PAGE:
Through injuries, Giambi Steroids, Shefmouth, ARod blonds and many other distractions, Torre maintained calm and grace for 12 years. The waters were smooth.

Yes... Torre was going at some point. But does anyone feel his exit was heralded with grace? With class? Over the next few weeks we will see if our ship has some more leaks, or even some gaping holes. I can't speculate on the next manager because it is small potatos compared to the MoPoARodAndy issue. It is small potatos if we have traded a Big Stein for a slightly smaller Stein. A horse breeder may now be calling the shots.

I will simply hold my breath until this sorts out and hope to God that this team doesn't unravel.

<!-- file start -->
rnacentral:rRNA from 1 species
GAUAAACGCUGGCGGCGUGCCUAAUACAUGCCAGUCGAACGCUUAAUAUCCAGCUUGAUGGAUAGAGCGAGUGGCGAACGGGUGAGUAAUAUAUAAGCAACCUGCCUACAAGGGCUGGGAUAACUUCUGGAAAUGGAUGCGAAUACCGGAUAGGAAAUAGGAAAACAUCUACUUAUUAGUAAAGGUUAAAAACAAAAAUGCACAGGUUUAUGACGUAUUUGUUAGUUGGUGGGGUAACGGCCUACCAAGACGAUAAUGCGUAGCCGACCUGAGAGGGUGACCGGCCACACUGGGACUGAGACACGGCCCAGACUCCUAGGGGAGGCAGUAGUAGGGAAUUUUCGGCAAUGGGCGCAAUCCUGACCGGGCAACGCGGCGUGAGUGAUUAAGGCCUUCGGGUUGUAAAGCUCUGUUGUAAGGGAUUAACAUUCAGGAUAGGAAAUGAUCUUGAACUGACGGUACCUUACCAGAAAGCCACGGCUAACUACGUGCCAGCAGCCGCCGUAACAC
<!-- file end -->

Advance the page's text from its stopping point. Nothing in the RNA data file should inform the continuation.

I will hope that the small percentage chance that a new manager actually does better comes true. I will hope that the greater chance of very real and serious problems happening doesn't.

And I will mourn Torre as a great loss. Not because of wins and loses, but because of how he ushered in and maintained a new era for the Yankees. For how he commanded the respect of everyone who knew him, and by association brought respect back to the Yankees. For how Tim Wakefield said that he is saddened because he always wanted to play for Torre because he heard from other players (including JD) that Torre was the best. For touching Rogers cheek, for sending Paulie home to be with his sick dad, for resting Bobby against a tough lefthander to keep his confidence going. For keeping his cool when we lost, and crying when we won.

I simply don't get that there are some here who are too busy being right, to feel, acknowledge and honor this loss.

Like this year, when we lost in the PS, there was always next year. But now, not for Joe. Aside for the sudden loss of Thurman, I can't think of a sadder moment to be a Yankee fan.